THEC discusses speed-up in construction planning

THEC discusses speed-up in construction planning

Posted: Wednesday, December 21, 2011 12:06 pm
By: By The Associated Press

The Messenger 12.21.11

NASHVILLE (AP) — The Tennessee Higher Education Commission has recommended that colleges and universities pay part of the cost for campus construction projects and speed up the planning process for new projects.
The commission had planned to discuss its proposal at its meeting Tuesday afternoon.
The Knoxville News Sentinel reported that THEC included the recommendation in a five-year plan that leaders at both the both the University of Tennessee and Board of Regent systems hope will be financed with a bond issue that could total $1.5 billion ( ).
The recommendation asks universities to match 25 percent of the cost of the projects; community colleges and nonformula units, such as the Institute of Agriculture, to pay 10 percent; and technology centers to pay 5 percent.
The commission is requesting $245 million in new projects, $40 million of which would come from the institutions’ match, and $84 million in maintenance projects across both systems for the next fiscal year.
UT Chancellor Jimmy Cheek said the match could come from private donations and grants and a pool of $4.8 million from increased fees that students agreed to pay last year for facility upgrades.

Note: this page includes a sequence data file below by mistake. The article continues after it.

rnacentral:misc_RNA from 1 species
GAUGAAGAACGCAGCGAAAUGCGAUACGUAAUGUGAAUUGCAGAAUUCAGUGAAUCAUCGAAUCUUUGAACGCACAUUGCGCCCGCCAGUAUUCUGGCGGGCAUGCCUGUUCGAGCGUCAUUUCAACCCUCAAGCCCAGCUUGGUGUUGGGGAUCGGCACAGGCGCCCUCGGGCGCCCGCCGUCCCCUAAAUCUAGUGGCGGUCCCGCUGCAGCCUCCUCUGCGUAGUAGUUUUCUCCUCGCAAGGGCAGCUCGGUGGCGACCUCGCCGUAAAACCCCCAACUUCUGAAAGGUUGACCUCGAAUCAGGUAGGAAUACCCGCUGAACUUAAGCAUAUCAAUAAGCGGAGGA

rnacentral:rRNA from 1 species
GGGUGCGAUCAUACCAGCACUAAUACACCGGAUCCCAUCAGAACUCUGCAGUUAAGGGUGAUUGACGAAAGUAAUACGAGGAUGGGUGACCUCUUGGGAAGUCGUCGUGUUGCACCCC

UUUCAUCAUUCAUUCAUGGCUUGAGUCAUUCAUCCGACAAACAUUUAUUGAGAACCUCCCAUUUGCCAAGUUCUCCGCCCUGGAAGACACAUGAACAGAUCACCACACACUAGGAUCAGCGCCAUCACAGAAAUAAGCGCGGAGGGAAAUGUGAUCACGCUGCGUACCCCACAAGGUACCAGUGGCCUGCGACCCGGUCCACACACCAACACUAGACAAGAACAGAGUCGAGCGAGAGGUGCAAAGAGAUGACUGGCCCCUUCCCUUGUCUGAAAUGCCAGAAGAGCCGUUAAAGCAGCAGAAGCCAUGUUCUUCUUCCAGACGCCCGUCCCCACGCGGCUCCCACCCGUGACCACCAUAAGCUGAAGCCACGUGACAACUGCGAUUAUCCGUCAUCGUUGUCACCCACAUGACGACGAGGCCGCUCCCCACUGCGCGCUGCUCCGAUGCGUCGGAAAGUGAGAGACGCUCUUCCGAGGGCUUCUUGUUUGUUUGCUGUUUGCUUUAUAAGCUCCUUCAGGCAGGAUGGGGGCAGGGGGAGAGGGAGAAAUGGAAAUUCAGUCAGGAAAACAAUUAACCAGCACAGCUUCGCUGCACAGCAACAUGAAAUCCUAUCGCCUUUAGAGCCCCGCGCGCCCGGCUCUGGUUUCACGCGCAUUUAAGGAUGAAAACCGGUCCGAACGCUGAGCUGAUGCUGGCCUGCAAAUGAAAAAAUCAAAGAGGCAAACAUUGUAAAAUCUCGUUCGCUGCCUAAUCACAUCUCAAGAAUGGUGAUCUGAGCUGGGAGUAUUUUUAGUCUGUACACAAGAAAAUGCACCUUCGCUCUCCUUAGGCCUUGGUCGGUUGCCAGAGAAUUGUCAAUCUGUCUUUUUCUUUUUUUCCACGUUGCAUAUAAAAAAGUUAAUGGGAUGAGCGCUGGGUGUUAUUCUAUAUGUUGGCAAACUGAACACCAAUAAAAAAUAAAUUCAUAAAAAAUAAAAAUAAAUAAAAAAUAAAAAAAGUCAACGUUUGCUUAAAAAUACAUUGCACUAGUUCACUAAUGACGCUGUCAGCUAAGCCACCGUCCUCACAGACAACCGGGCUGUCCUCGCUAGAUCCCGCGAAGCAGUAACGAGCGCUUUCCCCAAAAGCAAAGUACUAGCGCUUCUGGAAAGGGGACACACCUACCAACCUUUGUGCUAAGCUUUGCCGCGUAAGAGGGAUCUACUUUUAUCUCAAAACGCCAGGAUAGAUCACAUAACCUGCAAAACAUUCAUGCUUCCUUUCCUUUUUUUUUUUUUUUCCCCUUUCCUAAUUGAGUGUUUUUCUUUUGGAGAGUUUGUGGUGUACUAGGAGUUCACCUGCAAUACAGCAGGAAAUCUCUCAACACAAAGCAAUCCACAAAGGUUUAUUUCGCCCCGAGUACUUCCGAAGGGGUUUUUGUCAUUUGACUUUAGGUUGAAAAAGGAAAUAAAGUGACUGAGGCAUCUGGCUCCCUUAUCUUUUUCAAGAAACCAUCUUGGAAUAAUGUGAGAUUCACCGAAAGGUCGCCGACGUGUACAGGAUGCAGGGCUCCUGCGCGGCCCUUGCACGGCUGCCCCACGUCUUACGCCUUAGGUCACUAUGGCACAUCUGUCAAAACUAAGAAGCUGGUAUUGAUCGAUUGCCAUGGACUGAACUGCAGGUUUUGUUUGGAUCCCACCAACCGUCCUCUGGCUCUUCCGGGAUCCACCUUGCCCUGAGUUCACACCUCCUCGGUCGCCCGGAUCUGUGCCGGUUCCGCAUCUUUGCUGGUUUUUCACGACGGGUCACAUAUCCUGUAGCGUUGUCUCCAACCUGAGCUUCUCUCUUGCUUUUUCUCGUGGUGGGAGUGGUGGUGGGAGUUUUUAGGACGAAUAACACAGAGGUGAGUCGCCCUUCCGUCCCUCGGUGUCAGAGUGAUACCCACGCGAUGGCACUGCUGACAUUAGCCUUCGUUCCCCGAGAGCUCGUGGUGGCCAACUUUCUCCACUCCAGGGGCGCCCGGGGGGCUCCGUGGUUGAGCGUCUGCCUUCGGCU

Putting all that money toward annual debt from the bonds would be enough to cover UT’s portion of several projects on the list, Cheek said.
“I don’t think (higher education) has ever said we will contribute ‘X’ percent for a project through a match for all capital outlay requests. There have been targeted programs with match components here and there, but nothing this pervasive,” said Russ Deaton, associate executive director of fiscal policy and administration at the commission. “I don’t know if this is a permanent policy change or not, but from our perspective, we think it is appropriate over the next five years or so.”
The proposal includes a $126 million science building at Middle Tennessee State University and a $94 million science laboratory building at UT Knoxville.
If the state approves the bond issue, schools could move ahead with plans to build.
For UT, planning would start for six buildings this year, including two academic buildings at the Knoxville campus.
“Right now what we do is we wait until we get the thing fully funded and we take 10 months to a year to do the full plan, and the architecture renditions and the engineering stuff. This will make it faster to build a building,” UT System President Joe DiPietro said.
Over five years, UT has requested $819 million for 19 projects across all its campuses, including six in Knoxville.
DiPietro has said he hopes state lawmakers will approve a measure so bonds can be issued by next summer to take advantage of low interest rates.
Officials with both systems hope to convince Gov. Bill Haslam to include the bond measure in his recommended budget.
Haslam spokesman David Smith previously said the governor favors refining a strategic master plan process for higher education building projects.
Information from: The Knoxville News Sentinel,


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